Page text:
With treatment on the NHS, not an option at the moment or in the foreseeable future, the only option for Wendy and her family is to try and raise the money needed to fund this treatment privately, while she is still a candidate for it.
She told The Guardian that it was “shocking, absolutely shocking” that she and her husband, Andrew, were having to use their savings, drawdown pension money and remortgage their house to raise the money for treatment that she was due to get on the NHS until the pandemic struck.
While they are fortunate to be in a position in which they can find some of the money themselves, they still need an additional £100,000 to fund the treatment completely.
To help, Wendy’s daughters, India, and Bella, have set up a GoFundMe page. Bella says:
“Losing an eye on top of a cancer diagnosis is a life-changing experience. The way Mum bounced back after she lost her right eye was truly remarkable. She refused to let it stop her from doing all the things she loved. It has been completely inspiring to see how Mum continues to be the wonderful woman she is. Her strength, resilience and kindness continue to shine through every bit of adversity. We do not know how she does it! The reason we set up the GoFundMe is to help us fundraise a proportion (£100,000) of the overall cost of the treatment our Mum needs. We are not even sure words could even begin to explain how grateful our family would be for any fundraising efforts or donation contribution no matter how big or small. Thank you so much.”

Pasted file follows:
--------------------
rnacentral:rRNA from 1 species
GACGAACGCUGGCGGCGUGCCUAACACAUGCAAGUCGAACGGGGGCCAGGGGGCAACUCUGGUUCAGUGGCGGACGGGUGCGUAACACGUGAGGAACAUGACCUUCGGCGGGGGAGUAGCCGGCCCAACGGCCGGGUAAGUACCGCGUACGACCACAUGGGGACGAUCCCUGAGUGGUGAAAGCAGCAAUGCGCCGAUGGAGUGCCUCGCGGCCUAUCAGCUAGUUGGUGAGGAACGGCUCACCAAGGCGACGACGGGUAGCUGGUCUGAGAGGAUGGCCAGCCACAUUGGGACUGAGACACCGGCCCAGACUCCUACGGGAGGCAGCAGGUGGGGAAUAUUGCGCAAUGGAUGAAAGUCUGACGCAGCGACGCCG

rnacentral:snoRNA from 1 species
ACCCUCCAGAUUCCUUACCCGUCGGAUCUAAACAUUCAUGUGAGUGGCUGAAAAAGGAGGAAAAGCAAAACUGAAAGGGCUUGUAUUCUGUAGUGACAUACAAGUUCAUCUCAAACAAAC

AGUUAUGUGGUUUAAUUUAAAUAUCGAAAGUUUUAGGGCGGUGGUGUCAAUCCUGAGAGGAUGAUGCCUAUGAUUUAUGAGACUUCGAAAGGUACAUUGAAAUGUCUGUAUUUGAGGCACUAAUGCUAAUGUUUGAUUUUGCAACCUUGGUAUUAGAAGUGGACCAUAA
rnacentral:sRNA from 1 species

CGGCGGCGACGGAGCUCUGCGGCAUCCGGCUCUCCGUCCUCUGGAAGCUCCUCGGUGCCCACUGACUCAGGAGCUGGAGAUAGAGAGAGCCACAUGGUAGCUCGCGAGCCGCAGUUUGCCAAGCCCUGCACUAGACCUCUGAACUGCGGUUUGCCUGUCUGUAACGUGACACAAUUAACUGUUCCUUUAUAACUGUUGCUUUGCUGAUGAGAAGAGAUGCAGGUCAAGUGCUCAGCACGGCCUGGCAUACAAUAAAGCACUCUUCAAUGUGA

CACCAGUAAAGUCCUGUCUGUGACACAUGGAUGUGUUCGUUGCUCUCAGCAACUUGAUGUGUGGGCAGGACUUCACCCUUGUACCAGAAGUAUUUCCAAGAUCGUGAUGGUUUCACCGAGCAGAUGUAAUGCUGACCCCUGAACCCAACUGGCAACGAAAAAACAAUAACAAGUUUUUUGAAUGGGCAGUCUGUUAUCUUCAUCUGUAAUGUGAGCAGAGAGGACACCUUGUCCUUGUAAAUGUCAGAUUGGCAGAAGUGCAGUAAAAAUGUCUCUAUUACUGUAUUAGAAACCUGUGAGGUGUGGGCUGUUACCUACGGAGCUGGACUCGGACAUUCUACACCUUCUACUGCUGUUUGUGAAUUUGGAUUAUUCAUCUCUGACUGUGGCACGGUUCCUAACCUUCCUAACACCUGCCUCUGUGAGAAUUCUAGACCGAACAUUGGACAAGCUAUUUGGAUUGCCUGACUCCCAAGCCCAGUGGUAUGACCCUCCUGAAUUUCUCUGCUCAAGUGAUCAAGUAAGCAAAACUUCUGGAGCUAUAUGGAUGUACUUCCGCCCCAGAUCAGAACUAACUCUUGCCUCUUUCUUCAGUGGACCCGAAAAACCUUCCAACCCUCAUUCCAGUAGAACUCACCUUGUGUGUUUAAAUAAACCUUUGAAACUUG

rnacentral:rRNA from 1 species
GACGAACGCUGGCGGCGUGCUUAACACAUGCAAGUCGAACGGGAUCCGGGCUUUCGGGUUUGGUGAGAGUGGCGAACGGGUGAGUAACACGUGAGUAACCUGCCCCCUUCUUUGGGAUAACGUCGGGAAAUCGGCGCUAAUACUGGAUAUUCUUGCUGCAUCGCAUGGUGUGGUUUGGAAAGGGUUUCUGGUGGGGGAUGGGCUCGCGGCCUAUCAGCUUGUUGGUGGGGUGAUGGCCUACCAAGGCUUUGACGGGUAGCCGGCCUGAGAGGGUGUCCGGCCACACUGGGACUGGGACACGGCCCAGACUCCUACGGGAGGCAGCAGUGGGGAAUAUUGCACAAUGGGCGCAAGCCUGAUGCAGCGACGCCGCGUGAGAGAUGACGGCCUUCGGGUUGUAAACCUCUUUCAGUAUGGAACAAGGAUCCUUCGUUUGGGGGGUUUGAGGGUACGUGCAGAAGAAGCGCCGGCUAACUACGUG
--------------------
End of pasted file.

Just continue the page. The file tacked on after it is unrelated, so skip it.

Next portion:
“Well done to Bella and India for their incredible fundraising efforts so far! Wendy and her family are in a fortunate position, they have some savings to put towards the £240,000 needed to pay for the clinical trial privately, and fingers crossed their Go Fund Me page will make up the shortfall. But not everyone has savings. The significant sums needed are beyond the means of most people. This is heartbreaking for cancer patients who do not have time to spare.”
If you would like to make a donation to fund Wendy’s treatment visit: gofundme.com/f/funding-our-mum039s-cancer-treatment.